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Gene variant linked to higher risk of gout

Researchers have discovered that a genetic variant may make some people more susceptible to gout than others.

The finding could aid the development of drugs to prevent or treat gout.

Genetic analysis of more than 12,000 people identified a gene linked to uric acid levels in the blood.

Gout, the most common inflammatory arthritis in adult males, is caused by high blood levels of uric acid, which provoke an inflammatory reaction in joint tissues, resulting in burning pain, swelling and stiffness in the affected joint.

Work by the Medical Research Council (MRC) Human Genetics Unit together with the University of Edinburgh and Croatian scientists shows that a known sugar transporter, called SLC2A9, is mainly responsible for the transport of uric acid within the body.

Variations in the gene that codes for this transporter cause some people to have higher levels of uric acid in their blood than others.

Further work with researchers in Germany helped to show that the gene is associated with kidney function, in particular the capacity to remove uric acid from the body through the urine.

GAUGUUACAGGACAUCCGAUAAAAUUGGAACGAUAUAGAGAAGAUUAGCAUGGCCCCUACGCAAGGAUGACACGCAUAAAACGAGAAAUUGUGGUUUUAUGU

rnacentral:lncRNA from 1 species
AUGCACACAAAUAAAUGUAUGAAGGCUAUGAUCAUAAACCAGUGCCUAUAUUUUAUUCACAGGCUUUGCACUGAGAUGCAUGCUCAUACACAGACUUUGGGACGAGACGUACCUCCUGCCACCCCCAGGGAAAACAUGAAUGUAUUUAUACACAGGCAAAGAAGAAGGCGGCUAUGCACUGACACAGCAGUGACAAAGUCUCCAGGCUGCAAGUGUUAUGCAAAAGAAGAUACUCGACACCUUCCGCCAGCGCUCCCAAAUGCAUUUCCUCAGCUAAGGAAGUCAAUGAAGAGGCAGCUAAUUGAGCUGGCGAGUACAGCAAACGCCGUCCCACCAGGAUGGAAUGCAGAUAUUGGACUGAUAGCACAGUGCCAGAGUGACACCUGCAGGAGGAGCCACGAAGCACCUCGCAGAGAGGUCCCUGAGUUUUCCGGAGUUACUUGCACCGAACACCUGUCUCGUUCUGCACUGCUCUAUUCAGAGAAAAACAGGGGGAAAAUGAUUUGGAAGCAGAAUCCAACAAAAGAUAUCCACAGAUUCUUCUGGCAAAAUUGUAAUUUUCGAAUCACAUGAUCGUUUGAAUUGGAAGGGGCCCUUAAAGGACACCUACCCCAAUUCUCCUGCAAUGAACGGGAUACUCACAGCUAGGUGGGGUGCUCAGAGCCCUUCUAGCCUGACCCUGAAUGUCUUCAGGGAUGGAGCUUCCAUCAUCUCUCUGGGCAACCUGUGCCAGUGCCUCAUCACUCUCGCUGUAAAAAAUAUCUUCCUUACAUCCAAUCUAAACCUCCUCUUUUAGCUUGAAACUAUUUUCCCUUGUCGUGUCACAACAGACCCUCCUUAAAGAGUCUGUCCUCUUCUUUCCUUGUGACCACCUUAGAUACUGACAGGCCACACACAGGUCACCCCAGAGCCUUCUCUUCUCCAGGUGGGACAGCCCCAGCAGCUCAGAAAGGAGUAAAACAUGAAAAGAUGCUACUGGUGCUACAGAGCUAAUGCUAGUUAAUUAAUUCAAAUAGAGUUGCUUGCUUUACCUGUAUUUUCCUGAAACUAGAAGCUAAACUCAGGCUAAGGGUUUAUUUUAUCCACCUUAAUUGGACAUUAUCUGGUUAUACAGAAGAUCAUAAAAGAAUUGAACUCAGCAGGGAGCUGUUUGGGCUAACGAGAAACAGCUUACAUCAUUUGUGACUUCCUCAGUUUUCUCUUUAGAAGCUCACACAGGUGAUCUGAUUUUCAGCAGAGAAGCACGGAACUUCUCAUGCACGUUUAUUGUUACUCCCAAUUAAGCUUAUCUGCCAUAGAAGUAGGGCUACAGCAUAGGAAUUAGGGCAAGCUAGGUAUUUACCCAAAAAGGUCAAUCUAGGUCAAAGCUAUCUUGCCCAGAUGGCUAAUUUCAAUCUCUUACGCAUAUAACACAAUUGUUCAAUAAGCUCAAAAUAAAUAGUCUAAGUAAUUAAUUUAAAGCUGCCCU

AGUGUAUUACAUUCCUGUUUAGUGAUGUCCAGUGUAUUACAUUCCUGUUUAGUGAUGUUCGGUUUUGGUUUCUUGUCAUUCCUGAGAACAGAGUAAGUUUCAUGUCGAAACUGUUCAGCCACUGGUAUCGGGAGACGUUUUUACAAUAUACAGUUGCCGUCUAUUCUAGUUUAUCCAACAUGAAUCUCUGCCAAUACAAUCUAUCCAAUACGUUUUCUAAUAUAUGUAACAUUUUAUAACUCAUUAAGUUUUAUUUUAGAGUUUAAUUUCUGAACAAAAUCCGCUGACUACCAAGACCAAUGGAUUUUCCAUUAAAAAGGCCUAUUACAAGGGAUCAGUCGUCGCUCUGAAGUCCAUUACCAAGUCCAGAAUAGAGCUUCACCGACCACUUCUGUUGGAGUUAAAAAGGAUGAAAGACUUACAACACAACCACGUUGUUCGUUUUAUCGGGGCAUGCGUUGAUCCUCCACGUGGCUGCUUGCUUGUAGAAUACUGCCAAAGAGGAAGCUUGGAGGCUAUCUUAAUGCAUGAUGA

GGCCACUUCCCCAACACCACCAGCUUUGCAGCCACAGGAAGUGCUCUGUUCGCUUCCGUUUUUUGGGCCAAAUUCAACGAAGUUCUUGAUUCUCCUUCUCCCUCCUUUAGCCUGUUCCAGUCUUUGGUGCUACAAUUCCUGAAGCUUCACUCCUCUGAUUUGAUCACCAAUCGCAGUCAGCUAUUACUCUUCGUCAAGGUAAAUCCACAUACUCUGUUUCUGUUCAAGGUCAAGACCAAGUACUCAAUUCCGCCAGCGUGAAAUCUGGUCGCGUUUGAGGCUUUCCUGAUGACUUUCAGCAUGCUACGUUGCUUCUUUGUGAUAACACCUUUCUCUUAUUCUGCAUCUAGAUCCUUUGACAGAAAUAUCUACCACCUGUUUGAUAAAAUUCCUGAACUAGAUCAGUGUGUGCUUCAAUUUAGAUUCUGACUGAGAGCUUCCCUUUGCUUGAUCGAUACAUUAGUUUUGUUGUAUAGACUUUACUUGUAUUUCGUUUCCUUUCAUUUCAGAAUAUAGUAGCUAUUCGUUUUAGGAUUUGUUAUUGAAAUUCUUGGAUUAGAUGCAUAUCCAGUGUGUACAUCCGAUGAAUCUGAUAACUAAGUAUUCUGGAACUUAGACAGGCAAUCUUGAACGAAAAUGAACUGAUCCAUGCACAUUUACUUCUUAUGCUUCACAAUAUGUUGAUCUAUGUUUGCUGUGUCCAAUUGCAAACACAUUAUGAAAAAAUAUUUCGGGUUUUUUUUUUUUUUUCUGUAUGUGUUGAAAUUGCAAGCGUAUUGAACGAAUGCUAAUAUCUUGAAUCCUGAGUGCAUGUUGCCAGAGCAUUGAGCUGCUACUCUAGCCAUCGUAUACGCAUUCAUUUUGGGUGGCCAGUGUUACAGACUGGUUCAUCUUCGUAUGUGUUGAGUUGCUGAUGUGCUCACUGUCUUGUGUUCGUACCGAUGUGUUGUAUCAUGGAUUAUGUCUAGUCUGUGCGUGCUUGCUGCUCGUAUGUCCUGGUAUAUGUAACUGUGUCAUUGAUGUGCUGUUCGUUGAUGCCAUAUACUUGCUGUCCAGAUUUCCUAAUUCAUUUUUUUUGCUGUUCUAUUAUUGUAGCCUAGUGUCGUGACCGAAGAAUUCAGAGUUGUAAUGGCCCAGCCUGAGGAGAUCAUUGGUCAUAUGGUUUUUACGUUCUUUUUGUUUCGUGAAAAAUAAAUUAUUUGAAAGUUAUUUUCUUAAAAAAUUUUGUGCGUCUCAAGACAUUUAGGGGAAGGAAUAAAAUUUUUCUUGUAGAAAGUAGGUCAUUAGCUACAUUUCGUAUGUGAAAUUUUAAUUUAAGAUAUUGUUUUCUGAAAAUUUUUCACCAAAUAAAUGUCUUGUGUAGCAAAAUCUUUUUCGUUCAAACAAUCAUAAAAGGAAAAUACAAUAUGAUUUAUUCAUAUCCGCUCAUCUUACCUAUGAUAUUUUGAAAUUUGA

Research published in the British Medical Journal (BMJ) last month found that consuming fizzy drinks increased the risk of gout. The genetics research, however, suggests why some develop the illness and others do not.

Harry Campbell, Professor of Genetic Epidemiology and Public Health at the University of Edinburgh and one of the report authors, said: "Some people will have higher or lower risk of gout depending on which form of the gene they inherited. This discovery may allow better diagnostic tools for gout to be developed."

The findings are published in the journal Nature Genetics.

Medical Research Council

Related story: Fizzy drinks linked to gout risk